Yet it’s been more than three decades. Virtual and augmented reality of any kind hasn’t exactly taken off. Despite all the chatter about Oculus – the VR headset company that Facebook acquired, to much fanfare, in 2014 – few of even my most technophilic friends have hopped on the Oculus train. I’ve only encountered the Oculus VR gear as a forlorn gadget in startup HQs – a novelty unceremoniously dumped next to the WiFi router. As tech analyst Benedict Evans recently tweeted, “My son is approximately 1000x more interested in Roblox” – an online game platform on which users can create their own games for other users to try – “than in getting my VR headset out of the cupboard. Different models of the future.” VR was the techno-utopian future that Generation X was promised. But as the Substack writer Paul Skallas recently noted: “Back in 1999/2000 people would tell you VR was right on the cusp of taking over. That it would change everything. It’s 2020. Where is it.”

VR – and AR after it – have run into a continual problem: people mostly like reality. People have liked visual entertainment for as long as there have been screens, for as long as there have been theaters. But, like all entertainment, visual entertainment has its time and its place. Remember Google Glass? I had a pair. It was abominable to use. Who wants email notifications obscuring their field of vision all day? My phone is distraction enough. The synthesis of wearable tech and augmented reality pretty quickly parted ways. Augmented reality became fun Snapchat filters that make you look like a Pixar character. Wearable tech became Apple watches to count your steps and alert you if you’re having a heart attack.

Two factors determine whether new technology catches on: capacity and incentive. Not all things that tech can do (capacity), people want (incentive). Think back to the mid-2000s, or rewatch David Fincher’s 2010 classic The Social Network. The building blocks of social networking existed long before Zuckerberg created Facebook. In fact, several social networks already existed. Remember Friendster and MySpace? The capacity was there. But what was the incentive? To get people to join his network in droves, Zuckerberg added two ingredients that the earlier social networks lacked: exclusivity and status.

When Facebook first launched, only those who attended a small group of prestigious colleges could join. I graduated high school in 2005, and I’m ashamed to say that Facebook influenced my school choice. Facebook in the early days was additive. It was where you found friends before you arrived on campus, solidified nascent relationships, shared boozy and embarrassing memories. My question for metaverse boosters is this: what does the metaverse add to everyday life?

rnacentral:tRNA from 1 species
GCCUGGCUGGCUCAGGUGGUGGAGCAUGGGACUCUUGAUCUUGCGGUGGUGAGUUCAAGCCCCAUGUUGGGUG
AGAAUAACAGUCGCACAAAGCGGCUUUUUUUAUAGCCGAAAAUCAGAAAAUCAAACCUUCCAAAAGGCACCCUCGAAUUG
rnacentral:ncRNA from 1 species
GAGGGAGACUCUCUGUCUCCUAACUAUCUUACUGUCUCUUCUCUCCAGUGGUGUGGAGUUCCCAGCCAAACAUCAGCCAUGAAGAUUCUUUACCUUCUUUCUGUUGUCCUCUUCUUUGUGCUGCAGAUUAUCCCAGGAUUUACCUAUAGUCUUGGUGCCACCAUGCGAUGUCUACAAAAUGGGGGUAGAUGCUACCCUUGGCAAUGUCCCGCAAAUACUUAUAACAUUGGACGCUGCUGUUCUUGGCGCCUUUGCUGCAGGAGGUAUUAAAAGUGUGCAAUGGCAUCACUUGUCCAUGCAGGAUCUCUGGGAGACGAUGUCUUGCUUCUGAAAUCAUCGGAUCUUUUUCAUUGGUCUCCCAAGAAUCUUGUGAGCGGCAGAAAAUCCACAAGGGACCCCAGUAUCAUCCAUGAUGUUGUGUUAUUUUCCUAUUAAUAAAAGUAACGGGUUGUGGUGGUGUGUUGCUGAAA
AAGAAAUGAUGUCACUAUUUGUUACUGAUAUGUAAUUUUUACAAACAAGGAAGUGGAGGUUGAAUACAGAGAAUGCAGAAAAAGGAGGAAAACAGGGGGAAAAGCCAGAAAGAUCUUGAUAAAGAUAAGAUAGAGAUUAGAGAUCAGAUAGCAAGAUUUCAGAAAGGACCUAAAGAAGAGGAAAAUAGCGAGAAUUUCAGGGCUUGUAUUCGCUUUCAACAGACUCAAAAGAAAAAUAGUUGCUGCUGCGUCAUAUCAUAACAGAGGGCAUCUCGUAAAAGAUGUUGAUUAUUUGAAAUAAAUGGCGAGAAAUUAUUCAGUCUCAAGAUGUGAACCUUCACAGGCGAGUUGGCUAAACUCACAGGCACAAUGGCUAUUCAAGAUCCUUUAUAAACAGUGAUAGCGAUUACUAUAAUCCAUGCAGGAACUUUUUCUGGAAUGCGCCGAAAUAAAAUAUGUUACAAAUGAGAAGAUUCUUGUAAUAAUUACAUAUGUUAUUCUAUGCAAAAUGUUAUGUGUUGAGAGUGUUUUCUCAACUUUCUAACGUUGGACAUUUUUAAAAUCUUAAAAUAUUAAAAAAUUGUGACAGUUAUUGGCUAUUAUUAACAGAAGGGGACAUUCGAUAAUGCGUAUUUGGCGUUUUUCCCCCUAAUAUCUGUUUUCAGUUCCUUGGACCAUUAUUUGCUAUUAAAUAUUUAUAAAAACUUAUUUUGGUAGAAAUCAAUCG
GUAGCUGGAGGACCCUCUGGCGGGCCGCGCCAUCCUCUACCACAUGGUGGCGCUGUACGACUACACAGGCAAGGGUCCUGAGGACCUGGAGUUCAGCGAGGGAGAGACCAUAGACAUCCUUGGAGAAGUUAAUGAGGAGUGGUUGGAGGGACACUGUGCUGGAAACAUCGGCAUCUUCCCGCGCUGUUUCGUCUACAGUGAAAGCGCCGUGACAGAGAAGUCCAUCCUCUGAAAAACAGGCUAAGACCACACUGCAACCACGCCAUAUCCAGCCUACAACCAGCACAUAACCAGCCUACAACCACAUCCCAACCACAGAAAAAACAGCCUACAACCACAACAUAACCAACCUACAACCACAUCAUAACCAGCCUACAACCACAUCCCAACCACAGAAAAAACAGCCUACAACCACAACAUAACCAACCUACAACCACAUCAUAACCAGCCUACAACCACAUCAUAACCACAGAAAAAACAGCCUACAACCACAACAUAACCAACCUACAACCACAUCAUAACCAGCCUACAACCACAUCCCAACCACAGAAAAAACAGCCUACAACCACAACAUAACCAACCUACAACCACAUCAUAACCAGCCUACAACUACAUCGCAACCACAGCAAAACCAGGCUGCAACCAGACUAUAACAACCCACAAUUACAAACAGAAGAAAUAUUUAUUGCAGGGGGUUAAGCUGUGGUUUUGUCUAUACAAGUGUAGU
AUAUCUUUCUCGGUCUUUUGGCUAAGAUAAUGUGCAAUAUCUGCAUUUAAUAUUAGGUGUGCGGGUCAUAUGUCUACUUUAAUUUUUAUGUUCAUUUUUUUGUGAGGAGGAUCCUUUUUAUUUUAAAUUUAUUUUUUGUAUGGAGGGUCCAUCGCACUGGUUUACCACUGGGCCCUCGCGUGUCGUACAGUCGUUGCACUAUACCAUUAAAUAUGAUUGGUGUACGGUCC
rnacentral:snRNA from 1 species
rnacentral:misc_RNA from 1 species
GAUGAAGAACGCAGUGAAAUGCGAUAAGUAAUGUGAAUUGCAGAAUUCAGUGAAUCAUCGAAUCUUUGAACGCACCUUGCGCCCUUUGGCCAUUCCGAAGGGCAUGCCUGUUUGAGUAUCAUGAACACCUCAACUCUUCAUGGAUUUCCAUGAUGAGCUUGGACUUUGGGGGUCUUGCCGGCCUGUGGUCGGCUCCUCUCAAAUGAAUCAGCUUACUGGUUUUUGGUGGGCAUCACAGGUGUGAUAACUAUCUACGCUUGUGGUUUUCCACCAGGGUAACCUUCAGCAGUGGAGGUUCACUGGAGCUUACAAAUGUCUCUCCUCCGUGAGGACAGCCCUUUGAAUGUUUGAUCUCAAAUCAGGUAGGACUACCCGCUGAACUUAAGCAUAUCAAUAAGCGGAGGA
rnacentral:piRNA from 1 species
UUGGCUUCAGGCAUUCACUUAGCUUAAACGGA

I’ve used Oculus goggles before. I found they had a weird time distortion effect. When I took them off, I felt vaguely tired. Coming out of the pandemic, which has reminded everyone that a Zoom call is very much not the same thing as hugging your mom, I’m skeptical that Zoom-fatigued workers will be interested in leveling up to working in the metaverse – whatever that may mean. A new youth survey by Dazed reports that just 9% of Gen Zers want to stay on social media; fatigue with digital substitutes for real life may be even broader than just the Zoom-fatigued legions working from home.

Tech oligarchs like Zuckerberg, with his Sauron-like ambition to own the One Ring to rule them all, seem like the worst choice to put in charge of building a new world. I’m more sympathetic to the crypto community’s nascent interest in the metaverse. The promise of crypto, it seems to me, is its potential to spark decentralization in an already overly centralized world, to play Gutenberg to the next generation’s Martin Luthers. The metaverse proposes a smoothed-out and rationalized version of our messy and chaotic world. The question that crypto seems to face most pressingly is: Why should crypto matter to everyone? If crypto is to be truly revolutionary, then it will have to give an answer that formats digital life down to a human scale, not up to a megalomaniac’s.

Sean Monahan is a writer and trend forecaster based in Los Angeles. He co-founded K-Hole, the trend forecasting group best-known for coining the term normcore. He releases a weekly trends newsletter at